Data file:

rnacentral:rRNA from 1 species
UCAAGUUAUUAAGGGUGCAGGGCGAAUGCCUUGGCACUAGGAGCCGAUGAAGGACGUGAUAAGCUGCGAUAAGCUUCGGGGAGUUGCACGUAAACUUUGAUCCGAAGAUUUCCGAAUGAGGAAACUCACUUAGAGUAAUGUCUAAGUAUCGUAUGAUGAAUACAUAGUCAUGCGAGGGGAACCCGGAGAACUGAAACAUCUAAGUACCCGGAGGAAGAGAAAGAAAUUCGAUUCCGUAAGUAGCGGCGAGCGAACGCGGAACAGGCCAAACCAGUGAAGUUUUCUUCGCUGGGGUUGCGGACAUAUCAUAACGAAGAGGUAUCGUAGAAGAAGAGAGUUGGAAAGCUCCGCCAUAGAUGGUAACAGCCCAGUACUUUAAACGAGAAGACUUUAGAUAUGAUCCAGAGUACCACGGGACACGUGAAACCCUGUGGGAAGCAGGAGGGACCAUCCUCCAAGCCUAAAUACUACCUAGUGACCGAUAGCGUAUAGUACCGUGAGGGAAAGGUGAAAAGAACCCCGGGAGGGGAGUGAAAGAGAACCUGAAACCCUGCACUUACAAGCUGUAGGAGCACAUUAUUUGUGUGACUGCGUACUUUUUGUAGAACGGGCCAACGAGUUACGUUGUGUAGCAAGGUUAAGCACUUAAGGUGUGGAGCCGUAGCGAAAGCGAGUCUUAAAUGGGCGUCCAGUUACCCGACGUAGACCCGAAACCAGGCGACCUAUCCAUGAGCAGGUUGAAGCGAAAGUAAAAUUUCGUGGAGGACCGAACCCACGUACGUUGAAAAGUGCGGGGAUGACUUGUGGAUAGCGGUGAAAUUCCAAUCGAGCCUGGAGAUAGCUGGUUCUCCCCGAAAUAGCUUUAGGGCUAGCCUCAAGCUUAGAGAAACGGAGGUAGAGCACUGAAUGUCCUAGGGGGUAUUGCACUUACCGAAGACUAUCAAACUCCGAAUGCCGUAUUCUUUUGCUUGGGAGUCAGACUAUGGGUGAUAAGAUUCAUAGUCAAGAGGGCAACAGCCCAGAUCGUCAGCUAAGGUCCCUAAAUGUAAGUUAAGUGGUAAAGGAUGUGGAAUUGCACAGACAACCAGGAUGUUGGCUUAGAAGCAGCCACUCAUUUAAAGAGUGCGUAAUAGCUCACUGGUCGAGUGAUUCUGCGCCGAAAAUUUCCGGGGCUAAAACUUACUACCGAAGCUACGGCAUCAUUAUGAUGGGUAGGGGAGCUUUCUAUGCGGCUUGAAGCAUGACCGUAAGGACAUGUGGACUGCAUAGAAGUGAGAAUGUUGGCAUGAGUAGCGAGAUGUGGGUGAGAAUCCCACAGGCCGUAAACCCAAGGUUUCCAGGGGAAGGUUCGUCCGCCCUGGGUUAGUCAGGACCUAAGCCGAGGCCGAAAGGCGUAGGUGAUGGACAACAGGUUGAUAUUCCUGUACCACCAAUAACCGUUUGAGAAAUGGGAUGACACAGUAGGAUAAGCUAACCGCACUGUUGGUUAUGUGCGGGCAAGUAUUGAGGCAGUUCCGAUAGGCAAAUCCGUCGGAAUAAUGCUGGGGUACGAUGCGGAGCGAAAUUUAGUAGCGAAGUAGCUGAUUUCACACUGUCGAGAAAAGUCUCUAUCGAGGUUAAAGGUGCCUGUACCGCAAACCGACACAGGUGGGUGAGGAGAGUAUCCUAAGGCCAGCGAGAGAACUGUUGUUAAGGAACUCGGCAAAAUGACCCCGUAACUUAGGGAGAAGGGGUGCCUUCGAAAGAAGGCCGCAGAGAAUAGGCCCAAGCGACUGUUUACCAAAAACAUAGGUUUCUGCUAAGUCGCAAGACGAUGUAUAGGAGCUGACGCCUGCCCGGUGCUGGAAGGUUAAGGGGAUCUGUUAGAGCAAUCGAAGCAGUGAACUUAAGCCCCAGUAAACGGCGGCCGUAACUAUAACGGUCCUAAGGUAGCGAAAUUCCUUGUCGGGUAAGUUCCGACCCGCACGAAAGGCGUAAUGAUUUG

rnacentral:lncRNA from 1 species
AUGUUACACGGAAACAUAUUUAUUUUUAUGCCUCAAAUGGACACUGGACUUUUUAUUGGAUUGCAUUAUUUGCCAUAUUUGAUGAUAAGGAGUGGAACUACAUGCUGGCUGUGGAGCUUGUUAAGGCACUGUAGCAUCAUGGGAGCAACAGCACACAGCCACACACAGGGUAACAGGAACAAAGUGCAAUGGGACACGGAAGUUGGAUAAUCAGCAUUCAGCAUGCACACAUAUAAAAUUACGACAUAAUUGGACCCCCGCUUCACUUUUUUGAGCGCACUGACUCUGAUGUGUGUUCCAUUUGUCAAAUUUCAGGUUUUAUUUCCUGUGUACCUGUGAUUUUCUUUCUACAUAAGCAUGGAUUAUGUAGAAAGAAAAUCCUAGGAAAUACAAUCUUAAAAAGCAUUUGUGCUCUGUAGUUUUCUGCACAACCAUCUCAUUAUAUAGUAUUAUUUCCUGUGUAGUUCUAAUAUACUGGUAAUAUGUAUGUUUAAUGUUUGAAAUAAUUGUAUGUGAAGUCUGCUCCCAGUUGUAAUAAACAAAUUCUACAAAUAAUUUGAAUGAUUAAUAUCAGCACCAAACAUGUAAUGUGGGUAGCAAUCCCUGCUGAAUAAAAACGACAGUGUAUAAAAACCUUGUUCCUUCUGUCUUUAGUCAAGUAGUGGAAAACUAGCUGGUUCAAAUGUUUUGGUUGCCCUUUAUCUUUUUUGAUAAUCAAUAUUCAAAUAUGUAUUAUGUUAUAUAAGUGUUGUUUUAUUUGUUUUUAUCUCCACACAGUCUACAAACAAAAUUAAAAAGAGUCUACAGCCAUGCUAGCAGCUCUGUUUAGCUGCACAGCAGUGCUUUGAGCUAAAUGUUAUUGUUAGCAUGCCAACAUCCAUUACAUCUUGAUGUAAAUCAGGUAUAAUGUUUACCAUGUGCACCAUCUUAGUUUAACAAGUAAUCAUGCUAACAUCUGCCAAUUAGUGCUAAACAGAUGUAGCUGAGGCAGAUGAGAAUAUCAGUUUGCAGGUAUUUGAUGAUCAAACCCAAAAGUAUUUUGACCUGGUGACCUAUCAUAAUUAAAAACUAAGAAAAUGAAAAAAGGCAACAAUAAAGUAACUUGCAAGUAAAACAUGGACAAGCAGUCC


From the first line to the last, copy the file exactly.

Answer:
rnacentral:rRNA from 1 species
UCAAGUUAUUAAGGGUGCAGGGCGAAUGCCUUGGCACUAGGAGCCGAUGAAGGACGUGAUAAGCUGCGAUAAGCUUCGGGGAGUUGCACGUAAACUUUGAUCCGAAGAUUUCCGAAUGAGGAAACUCACUUAGAGUAAUGUCUAAGUAUCGUAUGAUGAAUACAUAGUCAUGCGAGGGGAACCCGGAGAACUGAAACAUCUAAGUACCCGGAGGAAGAGAAAGAAAUUCGAUUCCGUAAGUAGCGGCGAGCGAACGCGGAACAGGCCAAACCAGUGAAGUUUUCUUCGCUGGGGUUGCGGACAUAUCAUAACGAAGAGGUAUCGUAGAAGAAGAGAGUUGGAAAGCUCCGCCAUAGAUGGUAACAGCCCAGUACUUUAAACGAGAAGACUUUAGAUAUGAUCCAGAGUACCACGGGACACGUGAAACCCUGUGGGAAGCAGGAGGGACCAUCCUCCAAGCCUAAAUACUACCUAGUGACCGAUAGCGUAUAGUACCGUGAGGGAAAGGUGAAAAGAACCCCGGGAGGGGAGUGAAAGAGAACCUGAAACCCUGCACUUACAAGCUGUAGGAGCACAUUAUUUGUGUGACUGCGUACUUUUUGUAGAACGGGCCAACGAGUUACGUUGUGUAGCAAGGUUAAGCACUUAAGGUGUGGAGCCGUAGCGAAAGCGAGUCUUAAAUGGGCGUCCAGUUACCCGACGUAGACCCGAAACCAGGCGACCUAUCCAUGAGCAGGUUGAAGCGAAAGUAAAAUUUCGUGGAGGACCGAACCCACGUACGUUGAAAAGUGCGGGGAUGACUUGUGGAUAGCGGUGAAAUUCCAAUCGAGCCUGGAGAUAGCUGGUUCUCCCCGAAAUAGCUUUAGGGCUAGCCUCAAGCUUAGAGAAACGGAGGUAGAGCACUGAAUGUCCUAGGGGGUAUUGCACUUACCGAAGACUAUCAAACUCCGAAUGCCGUAUUCUUUUGCUUGGGAGUCAGACUAUGGGUGAUAAGAUUCAUAGUCAAGAGGGCAACAGCCCAGAUCGUCAGCUAAGGUCCCUAAAUGUAAGUUAAGUGGUAAAGGAUGUGGAAUUGCACAGACAACCAGGAUGUUGGCUUAGAAGCAGCCACUCAUUUAAAGAGUGCGUAAUAGCUCACUGGUCGAGUGAUUCUGCGCCGAAAAUUUCCGGGGCUAAAACUUACUACCGAAGCUACGGCAUCAUUAUGAUGGGUAGGGGAGCUUUCUAUGCGGCUUGAAGCAUGACCGUAAGGACAUGUGGACUGCAUAGAAGUGAGAAUGUUGGCAUGAGUAGCGAGAUGUGGGUGAGAAUCCCACAGGCCGUAAACCCAAGGUUUCCAGGGGAAGGUUCGUCCGCCCUGGGUUAGUCAGGACCUAAGCCGAGGCCGAAAGGCGUAGGUGAUGGACAACAGGUUGAUAUUCCUGUACCACCAAUAACCGUUUGAGAAAUGGGAUGACACAGUAGGAUAAGCUAACCGCACUGUUGGUUAUGUGCGGGCAAGUAUUGAGGCAGUUCCGAUAGGCAAAUCCGUCGGAAUAAUGCUGGGGUACGAUGCGGAGCGAAAUUUAGUAGCGAAGUAGCUGAUUUCACACUGUCGAGAAAAGUCUCUAUCGAGGUUAAAGGUGCCUGUACCGCAAACCGACACAGGUGGGUGAGGAGAGUAUCCUAAGGCCAGCGAGAGAACUGUUGUUAAGGAACUCGGCAAAAUGACCCCGUAACUUAGGGAGAAGGGGUGCCUUCGAAAGAAGGCCGCAGAGAAUAGGCCCAAGCGACUGUUUACCAAAAACAUAGGUUUCUGCUAAGUCGCAAGACGAUGUAUAGGAGCUGACGCCUGCCCGGUGCUGGAAGGUUAAGGGGAUCUGUUAGAGCAAUCGAAGCAGUGAACUUAAGCCCCAGUAAACGGCGGCCGUAACUAUAACGGUCCUAAGGUAGCGAAAUUCCUUGUCGGGUAAGUUCCGACCCGCACGAAAGGCGUAAUGAUUUG

rnacentral:lncRNA from 1 species
AUGUUACACGGAAACAUAUUUAUUUUUAUGCCUCAAAUGGACACUGGACUUUUUAUUGGAUUGCAUUAUUUGCCAUAUUUGAUGAUAAGGAGUGGAACUACAUGCUGGCUGUGGAGCUUGUUAAGGCACUGUAGCAUCAUGGGAGCAACAGCACACAGCCACACACAGGGUAACAGGAACAAAGUGCAAUGGGACACGGAAGUUGGAUAAUCAGCAUUCAGCAUGCACACAUAUAAAAUUACGACAUAAUUGGACCCCCGCUUCACUUUUUUGAGCGCACUGACUCUGAUGUGUGUUCCAUUUGUCAAAUUUCAGGUUUUAUUUCCUGUGUACCUGUGAUUUUCUUUCUACAUAAGCAUGGAUUAUGUAGAAAGAAAAUCCUAGGAAAUACAAUCUUAAAAAGCAUUUGUGCUCUGUAGUUUUCUGCACAACCAUCUCAUUAUAUAGUAUUAUUUCCUGUGUAGUUCUAAUAUACUGGUAAUAUGUAUGUUUAAUGUUUGAAAUAAUUGUAUGUGAAGUCUGCUCCCAGUUGUAAUAAACAAAUUCUACAAAUAAUUUGAAUGAUUAAUAUCAGCACCAAACAUGUAAUGUGGGUAGCAAUCCCUGCUGAAUAAAAACGACAGUGUAUAAAAACCUUGUUCCUUCUGUCUUUAGUCAAGUAGUGGAAAACUAGCUGGUUCAAAUGUUUUGGUUGCCCUUUAUCUUUUUUGAUAAUCAAUAUUCAAAUAUGUAUUAUGUUAUAUAAGUGUUGUUUUAUUUGUUUUUAUCUCCACACAGUCUACAAACAAAAUUAAAAAGAGUCUACAGCCAUGCUAGCAGCUCUGUUUAGCUGCACAGCAGUGCUUUGAGCUAAAUGUUAUUGUUAGCAUGCCAACAUCCAUUACAUCUUGAUGUAAAUCAGGUAUAAUGUUUACCAUGUGCACCAUCUUAGUUUAACAAGUAAUCAUGCUAACAUCUGCCAAUUAGUGCUAAACAGAUGUAGCUGAGGCAGAUGAGAAUAUCAGUUUGCAGGUAUUUGAUGAUCAAACCCAAAAGUAUUUUGACCUGGUGACCUAUCAUAAUUAAAAACUAAGAAAAUGAAAAAAGGCAACAAUAAAGUAACUUGCAAGUAAAACAUGGACAAGCAGUCC